Vicki Lau fiercely struck her opponent with her shinai, a bamboo sword, and let out a strong yell. The shinpan, or referees, raised their red flags, awarding Lau a point. A section of the crowd erupts. It’s over. The final match in a long day at the Ninth Annual Yuhihai Intercollegiate Kendo Tournament.
She has sealed the championship in the women’s team division, but can’t celebrate just yet. The two teams line up on opposite sides of the court and bow to each other. A traditional display of sportsmanship.
Then the team can celebrate.
At first glance, the tournament hosted by the UCLA Kendo Club appears to be both a sporting competition and the offspring of a long martial arts tradition.
Fitting Yuhihai into these one-dimensional sockets, however, would be a mistake. The event is not simply defined by competition nor is it defined by tradition.
For one thing, Yuhihai focuses on individual growth.
“It’s not just about strengthening my body or technique,” said tournament director Nathan Chen. “It’s about constantly moving forward.”
The competitors from 11 different schools in California, including Stanford, UC Berkeley, UC San Diego, UC Riverside and UC Irvine, came to win medals or take home the team trophies, but they also came to learn.
“From competing in kendo, I’ve realized you need to find the right mindset,” Chen said. “You perform better in matches and it really helps in other aspects of life.”
As an offshoot, those involved in overseeing the tournament are constantly striving to create a bigger, better event.
“Yuhihai is getting bigger every year,” said Jenny Chim, UCLA Kendo Club president. “In terms of participants, it’s one of the biggest, if not the biggest collegiate kendo tournament in North America.”
UCLA coach Nathan Makino
, who also served as the master of ceremonies for the day, put the annual tournament’s growth in context.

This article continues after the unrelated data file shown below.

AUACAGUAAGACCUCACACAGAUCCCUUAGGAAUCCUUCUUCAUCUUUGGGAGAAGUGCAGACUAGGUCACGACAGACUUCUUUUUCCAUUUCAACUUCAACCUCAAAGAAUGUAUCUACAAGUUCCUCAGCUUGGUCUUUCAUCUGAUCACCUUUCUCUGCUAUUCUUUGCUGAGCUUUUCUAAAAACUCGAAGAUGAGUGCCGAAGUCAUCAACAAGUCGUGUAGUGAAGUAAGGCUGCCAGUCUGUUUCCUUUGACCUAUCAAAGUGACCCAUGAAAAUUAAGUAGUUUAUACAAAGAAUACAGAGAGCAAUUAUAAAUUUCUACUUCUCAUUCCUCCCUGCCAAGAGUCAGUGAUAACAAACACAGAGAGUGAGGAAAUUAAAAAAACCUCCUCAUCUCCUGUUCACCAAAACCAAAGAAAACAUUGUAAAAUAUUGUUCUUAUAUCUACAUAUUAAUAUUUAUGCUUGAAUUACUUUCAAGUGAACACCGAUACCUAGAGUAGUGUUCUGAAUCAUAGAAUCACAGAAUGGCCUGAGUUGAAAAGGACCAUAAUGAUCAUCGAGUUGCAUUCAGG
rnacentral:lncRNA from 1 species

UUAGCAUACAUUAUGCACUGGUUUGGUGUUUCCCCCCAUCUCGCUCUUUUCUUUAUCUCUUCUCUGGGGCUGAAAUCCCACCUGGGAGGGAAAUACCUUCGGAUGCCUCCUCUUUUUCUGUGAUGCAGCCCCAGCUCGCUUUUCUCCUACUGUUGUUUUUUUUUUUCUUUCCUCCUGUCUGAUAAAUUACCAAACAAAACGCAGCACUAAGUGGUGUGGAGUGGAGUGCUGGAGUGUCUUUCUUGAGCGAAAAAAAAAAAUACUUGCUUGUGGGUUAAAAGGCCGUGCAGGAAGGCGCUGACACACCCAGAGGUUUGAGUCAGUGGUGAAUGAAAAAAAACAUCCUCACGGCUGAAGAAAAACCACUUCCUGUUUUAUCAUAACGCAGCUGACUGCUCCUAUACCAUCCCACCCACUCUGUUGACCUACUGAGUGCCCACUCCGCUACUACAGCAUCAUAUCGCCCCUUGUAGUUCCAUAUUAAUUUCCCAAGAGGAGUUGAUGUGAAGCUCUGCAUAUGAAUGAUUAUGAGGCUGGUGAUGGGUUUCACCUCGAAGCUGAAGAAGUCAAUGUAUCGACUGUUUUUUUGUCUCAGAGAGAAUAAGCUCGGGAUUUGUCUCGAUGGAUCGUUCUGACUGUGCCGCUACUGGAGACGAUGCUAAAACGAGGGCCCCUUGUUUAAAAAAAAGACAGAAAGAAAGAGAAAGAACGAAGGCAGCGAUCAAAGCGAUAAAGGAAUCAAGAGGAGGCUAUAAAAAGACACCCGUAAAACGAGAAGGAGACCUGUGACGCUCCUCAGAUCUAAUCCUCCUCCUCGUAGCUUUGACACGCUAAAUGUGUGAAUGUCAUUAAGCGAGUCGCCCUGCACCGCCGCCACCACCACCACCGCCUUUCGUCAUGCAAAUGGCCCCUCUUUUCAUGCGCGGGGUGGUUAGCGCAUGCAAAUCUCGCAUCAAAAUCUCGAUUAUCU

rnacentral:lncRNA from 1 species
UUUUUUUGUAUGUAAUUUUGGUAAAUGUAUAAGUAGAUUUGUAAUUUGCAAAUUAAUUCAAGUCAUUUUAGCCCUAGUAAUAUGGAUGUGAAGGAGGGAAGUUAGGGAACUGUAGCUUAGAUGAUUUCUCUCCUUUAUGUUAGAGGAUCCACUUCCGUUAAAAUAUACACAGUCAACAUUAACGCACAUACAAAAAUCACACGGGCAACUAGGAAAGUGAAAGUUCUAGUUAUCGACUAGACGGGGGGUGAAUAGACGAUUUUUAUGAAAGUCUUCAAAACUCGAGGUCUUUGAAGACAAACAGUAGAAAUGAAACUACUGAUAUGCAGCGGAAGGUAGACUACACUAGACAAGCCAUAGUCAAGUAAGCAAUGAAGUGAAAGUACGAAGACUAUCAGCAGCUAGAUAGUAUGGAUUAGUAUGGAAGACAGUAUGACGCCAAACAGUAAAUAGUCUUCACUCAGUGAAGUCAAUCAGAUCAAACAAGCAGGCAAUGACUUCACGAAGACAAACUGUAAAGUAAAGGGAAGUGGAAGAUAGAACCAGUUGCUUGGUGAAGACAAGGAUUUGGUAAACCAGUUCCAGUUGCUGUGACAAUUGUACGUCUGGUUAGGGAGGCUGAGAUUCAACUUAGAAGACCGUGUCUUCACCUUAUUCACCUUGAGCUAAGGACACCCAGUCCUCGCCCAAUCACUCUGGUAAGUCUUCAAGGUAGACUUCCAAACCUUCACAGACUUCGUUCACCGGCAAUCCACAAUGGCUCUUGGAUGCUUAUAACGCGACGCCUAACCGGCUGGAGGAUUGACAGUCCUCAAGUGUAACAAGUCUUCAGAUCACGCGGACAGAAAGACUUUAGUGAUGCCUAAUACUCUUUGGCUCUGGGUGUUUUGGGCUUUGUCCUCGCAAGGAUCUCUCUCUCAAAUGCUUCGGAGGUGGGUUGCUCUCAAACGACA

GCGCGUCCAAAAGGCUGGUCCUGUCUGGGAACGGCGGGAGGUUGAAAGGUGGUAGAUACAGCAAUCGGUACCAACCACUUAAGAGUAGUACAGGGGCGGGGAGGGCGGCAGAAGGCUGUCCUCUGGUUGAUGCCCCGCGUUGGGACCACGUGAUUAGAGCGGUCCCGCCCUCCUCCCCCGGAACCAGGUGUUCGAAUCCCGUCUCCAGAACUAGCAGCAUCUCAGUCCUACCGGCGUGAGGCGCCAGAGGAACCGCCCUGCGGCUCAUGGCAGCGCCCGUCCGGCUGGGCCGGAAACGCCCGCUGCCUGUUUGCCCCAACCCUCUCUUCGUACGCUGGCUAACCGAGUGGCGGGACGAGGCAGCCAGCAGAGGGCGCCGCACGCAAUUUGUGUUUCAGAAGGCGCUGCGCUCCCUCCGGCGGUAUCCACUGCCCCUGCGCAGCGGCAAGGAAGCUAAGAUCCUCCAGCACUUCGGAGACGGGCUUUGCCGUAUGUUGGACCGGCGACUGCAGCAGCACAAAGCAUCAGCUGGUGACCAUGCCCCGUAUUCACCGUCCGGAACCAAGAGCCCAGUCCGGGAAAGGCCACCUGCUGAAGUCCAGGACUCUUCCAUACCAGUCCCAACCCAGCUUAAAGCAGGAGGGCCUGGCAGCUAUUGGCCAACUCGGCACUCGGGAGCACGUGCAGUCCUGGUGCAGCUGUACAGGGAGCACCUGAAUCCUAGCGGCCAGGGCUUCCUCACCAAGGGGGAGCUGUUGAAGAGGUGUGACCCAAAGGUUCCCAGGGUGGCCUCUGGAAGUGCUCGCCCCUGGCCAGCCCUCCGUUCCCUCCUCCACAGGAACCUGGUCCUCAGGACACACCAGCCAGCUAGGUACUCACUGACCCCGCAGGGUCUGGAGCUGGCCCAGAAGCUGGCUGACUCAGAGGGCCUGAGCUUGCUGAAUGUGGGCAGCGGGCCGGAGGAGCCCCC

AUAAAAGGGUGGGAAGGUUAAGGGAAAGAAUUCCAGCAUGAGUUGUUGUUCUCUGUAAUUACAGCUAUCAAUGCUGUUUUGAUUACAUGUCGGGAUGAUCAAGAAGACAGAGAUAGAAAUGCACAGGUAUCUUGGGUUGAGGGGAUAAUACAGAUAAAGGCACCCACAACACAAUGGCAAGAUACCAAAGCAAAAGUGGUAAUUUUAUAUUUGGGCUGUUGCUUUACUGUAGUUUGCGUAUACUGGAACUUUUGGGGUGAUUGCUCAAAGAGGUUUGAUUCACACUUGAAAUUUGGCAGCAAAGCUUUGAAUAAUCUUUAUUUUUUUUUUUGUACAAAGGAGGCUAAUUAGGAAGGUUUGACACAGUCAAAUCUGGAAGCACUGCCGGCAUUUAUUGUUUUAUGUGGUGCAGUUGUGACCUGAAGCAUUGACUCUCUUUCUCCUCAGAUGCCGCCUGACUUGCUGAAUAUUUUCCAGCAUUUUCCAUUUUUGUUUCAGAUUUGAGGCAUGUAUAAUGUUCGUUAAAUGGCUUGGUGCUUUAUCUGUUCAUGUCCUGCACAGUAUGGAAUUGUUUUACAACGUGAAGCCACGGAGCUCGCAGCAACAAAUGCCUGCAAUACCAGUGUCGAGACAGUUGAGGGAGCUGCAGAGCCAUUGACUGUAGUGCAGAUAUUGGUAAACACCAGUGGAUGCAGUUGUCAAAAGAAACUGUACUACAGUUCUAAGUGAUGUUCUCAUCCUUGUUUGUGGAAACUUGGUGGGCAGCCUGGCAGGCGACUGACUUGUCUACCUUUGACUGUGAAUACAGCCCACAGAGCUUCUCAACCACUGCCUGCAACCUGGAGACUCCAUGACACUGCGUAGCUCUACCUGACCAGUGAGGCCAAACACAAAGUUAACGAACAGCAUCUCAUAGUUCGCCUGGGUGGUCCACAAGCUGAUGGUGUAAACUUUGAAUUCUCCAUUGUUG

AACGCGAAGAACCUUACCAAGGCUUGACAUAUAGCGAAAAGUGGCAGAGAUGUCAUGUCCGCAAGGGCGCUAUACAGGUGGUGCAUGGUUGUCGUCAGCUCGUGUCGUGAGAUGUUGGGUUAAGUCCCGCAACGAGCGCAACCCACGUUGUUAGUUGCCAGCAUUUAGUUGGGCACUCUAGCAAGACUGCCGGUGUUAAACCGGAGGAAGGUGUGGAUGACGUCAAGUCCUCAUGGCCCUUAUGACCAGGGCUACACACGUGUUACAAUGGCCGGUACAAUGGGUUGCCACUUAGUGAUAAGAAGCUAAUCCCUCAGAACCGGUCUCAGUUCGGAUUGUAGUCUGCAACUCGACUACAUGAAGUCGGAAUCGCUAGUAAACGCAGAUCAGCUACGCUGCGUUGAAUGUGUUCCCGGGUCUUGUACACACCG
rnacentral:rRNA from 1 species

“Our first year, we had roughly 100 competitors,” said Makino. “In the past two years, we’ve had around 200.”
In nine years, participation in Yuhihai has doubled, making it a major event for the world of collegiate kendo. Even so, there are plans for continued expansion.
“We’re trying to see if we can make it a two-day event and figure out when to hold it,” Chim said. “That way we can attract more schools from across the country.”
Then there is another major aspect of Yuhihai – community. The bonds forged in the UCLA Kendo Club do not end when a member graduates. They continue to help out when they can.
“It’s a really big community event,” Chen said. “We always depend on our alumni and the local dojos to make it work.”
In this case, the alumni gave up their Valentine’s Day to undertake multiple logistical functions.
On top of that, the sensei from the Los Angeles area dojos serve as referees. They all donned navy blue sport coats, red ties and black socks to judge the sport they devote a majority of their time to teaching.
Makino summed it all up.
“Everything has improved,” Makino said. “The level of competition, the administrative side and the help from the community has made that possible.”
Now that the ninth edition of Yuhihai is in the books, some are already starting to look toward the 10th.
“We’re proud of the way the tournament turned out this year,” Chim said. “This is our motivation to improve for the next one.”